This uncertainty is fueled by Park Service studies to determine where Clara Barton, founder of the American Red Cross, nursed while at Antietam. The NPS has concluded that Barton used the Kefauver house as her headquarters, even though two other NPS studies concluded that she nursed at other farmhouses. The Kefauvers are certain the NPS picked the third study as a rationale for including their land in the expanded boundary.

The Kefauver farm has been in the family for four generations, since 1862. They have seen park superintendents come and go, as well as new management plans for the park, each time wondering if their land will be condemned.

While the Park Service claims that private lands are vulnerable, the Kefauvers—like many other farmers in the area—have preserved the agricultural and historical character of the region. Their incentive is pride of ownership and a unique heritage to pass on to their children.

Private stewardship has not gone entirely unnoticed at Antietam. Recognizing the pride of the people in their community and their resistance to the commercialism that characterizes many other battlefields, the National Trust for Historic Preservation paid tribute to local preservation efforts. A 1991 letter to residents concerned about public acquisition stated: “. . . we commend the stewardship that local landowners have demonstrated at Antietam and view continued farming operations as appropriate to the historic character of the battlefield and its vicinity.”

Perhaps the most ambitious plan put together by the NPS and preservationists to seize private land is called “Preserving Richmond’s Battlefields,” released in early 1991. The plan proposes “green-lining” (targeting for preservation) 250,000 acres on the outskirts of Richmond, 95 percent of which is privately owned.

In the works since 1987, the plan recommends designation of potential areas for NPS acquisition, and Federal review of construction plans on remaining private lands. Much like Antietam’s master plan, the Richmond plan would intensify tourist amenities through the construction of “heritage interpretive sites.”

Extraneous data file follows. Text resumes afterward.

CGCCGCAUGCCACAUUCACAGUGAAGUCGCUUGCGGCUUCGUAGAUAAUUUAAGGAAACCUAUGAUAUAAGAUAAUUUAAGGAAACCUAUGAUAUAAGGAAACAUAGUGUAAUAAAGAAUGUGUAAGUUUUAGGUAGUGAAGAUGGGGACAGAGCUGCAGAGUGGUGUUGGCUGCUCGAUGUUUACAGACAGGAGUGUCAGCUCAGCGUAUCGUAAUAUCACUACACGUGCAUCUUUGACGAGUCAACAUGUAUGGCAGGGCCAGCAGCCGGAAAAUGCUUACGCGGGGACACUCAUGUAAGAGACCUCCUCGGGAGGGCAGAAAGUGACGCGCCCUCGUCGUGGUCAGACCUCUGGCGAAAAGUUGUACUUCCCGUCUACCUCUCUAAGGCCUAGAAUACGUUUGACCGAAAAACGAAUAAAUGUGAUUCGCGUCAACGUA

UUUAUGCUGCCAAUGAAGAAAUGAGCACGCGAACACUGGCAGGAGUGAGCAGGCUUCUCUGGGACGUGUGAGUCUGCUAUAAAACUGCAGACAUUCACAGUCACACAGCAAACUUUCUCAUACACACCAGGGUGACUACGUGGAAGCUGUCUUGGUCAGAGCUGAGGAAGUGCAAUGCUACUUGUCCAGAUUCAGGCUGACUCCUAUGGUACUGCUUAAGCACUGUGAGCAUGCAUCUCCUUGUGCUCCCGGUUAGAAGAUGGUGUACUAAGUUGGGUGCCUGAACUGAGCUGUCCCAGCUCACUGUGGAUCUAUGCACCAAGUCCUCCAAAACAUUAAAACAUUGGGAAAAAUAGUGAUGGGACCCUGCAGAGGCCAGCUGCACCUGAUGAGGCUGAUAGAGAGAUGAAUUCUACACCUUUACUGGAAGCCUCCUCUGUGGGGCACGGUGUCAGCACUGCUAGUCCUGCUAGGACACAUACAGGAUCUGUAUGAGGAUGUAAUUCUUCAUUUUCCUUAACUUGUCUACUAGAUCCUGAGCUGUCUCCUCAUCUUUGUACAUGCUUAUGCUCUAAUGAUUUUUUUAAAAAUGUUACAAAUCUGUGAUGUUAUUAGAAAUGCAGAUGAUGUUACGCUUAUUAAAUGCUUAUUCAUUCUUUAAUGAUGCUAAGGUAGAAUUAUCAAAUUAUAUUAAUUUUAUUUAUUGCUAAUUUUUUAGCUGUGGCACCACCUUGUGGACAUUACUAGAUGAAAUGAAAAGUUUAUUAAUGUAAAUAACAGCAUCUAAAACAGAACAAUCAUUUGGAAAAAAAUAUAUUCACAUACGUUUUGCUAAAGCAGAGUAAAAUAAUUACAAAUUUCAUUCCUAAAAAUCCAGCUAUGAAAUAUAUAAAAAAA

Is Public Ownership the Solution?

Contrary to NPS rhetoric about the vulnerability of privately owned historic property, historic structures under the aegis of the NPS do not bear out that public ownership is the solution. At Antietam, the farmhouses under park management (many of which are on the National Register of Historic Places) are in such disrepair that they are literally falling into the historic ground upon which they sit.

A 1991 report of the National Parks and Conservation Association, a private foundation and NPS lobbyist, concluded that the NPS is unable to maintain and operate the facilities it already owns nationwide. The report, A Race Against Time: Five Threats That Endanger America’s National Parks and the Solutions to Avert Them, estimated a maintenance backlog of $2 billion and a major repairs backlog of $5 billion.

Despite maintenance backlogs and groaning Federal budgets, the NPS has appropriated $500,000 for still more land acquisition at Antietam this year. The funds will be used to purchase 93 acres of farmland, taking more private land off county tax rolls and putting the burden of its upkeep on the public. Year after year, this wasteful scenario is repeated, tearing away at the vestiges of privately owned land inside the battlefield. Before the ink dries on a newly acquired deed, plans are being laid to get the next piece of land.

Private landowners have been the uncelebrated protectors of Antietam’s rich history. They have preserved the region, so well, in fact, that historians call it a “time capsule” battlefield. When preservationists recognize the invaluable role of private owners, and seize upon the mutuality of their goals, the rural landscape that is an integral part of Antietam’s legacy will be preserved for the enjoyment and enrichment of future generations.